Ah the "Chef' business....
Almost as much ink has been spilled on this subject as "what is the "Best" knife?"
I come from a planet far, far away... There were no cooking shows on TV that glamorized cooking back then, and cooking wasn't really all that interesting anyway.
Funny thing was, back then, at every place I worked at, the only person you called "Chef" was the guy who hired you, the guy who handed you your paycheck, and the guy who gave you orders. Everyone else were "cooks" and there was no shame in calling yourself a cook.
Then I went to Europe and worked under some really big shots, highly decorated Chefs, in charge of Brigades of over 40 cooks, multiple F & B outlets. But we never addressed the Chef as "Chef". If and when we talked to him, it was "Herr" (Mr.) so-and-so. In France it was"Msr." so-and-so. Even the owners of the hotel would address the Chef as "Herr". And even back then, the custom in Europe was to list your profession next to your name and address in the phone book, and every big shot Chef--the guys in charge of brigades of over 40 cooks, the 5 star hotels glamorized by Hollywood, would list their profession every year in the phone book as "Koch" or "cook", even though these guys were well over 50 and earning some mighty big bucks.
So for me, the whole "Chef" thing isn't about the title, or what your co-workers or employers call you, it is how you are judged:
-A cook is judged by what they put on a plate. If it's good, they stay and put out good plates. If it's bad, they go.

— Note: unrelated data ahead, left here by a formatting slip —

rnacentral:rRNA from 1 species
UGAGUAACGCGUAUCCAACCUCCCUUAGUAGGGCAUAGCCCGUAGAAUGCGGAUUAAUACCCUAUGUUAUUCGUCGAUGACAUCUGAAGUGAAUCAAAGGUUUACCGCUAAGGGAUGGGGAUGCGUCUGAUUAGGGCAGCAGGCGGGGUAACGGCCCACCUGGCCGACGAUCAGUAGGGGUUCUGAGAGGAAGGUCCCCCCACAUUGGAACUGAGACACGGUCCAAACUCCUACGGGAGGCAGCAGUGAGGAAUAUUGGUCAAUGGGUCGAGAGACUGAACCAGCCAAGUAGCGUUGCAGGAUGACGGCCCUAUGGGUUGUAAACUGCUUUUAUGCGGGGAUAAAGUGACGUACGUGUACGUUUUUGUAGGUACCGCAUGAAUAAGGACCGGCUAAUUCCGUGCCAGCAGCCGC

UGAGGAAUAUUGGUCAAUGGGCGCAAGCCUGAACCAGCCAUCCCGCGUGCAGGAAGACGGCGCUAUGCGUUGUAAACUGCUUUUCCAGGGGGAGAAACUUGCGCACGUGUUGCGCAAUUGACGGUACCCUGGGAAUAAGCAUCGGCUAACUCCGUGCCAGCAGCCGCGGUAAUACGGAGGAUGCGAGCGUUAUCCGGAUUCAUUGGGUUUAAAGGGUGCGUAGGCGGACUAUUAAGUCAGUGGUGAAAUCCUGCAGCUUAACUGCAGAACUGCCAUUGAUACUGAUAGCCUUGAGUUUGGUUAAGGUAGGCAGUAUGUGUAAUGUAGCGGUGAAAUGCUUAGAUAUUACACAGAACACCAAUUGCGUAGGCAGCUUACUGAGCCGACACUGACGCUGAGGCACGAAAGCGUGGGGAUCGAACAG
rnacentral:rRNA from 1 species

A Chef is judged by how well s/he runs the kitchen. If the kitchen makes money, the Chef usually* stays. If the Chef can't keep the kitchen above water, they never stay for longer than a month and they go. Sometimes less than a week.
Harsh judgement, but very realistic. We are in the business to feed people. If we can't make money, the employer turfs us, and you really can't blame the employer for doing so. It's a business, not a charity.
And that is the true meaning of a "Chef", a "Chief" in any other language. The person who is tasked with making a profit for his employer, with food, labour, and overhead costs provided by the employer. This model fits in with a sandwich shop or a taco stand as much as it does with a fine dining establishment.
I am proud to call myself a cook. I did a classical apprenticeship as a cook, sweated my privates off for three years working double split shifts and going 1 day per week in trade school and getting paid half of what the dishwashers were getting. Hard to buy uniforms, books, and knives with that salary but I did it. When I finished and got my "papers", my profession was listed on the documents as "Cook" in all three of Switzerland's official languages, so there was no doubt in anyone's mind that I was and still am a Cook.
*Just because the Chef can make money doesn't guarantee that s/he will stay. The employer can get greedy and turf the Chef out, give his Sous a new embroidered jacket and a stack of business cards that say "Chef", pay him a buck an hour more, and when that guy fails or asks for more money, turf HIM out and give the next guy an embroidered jacket.........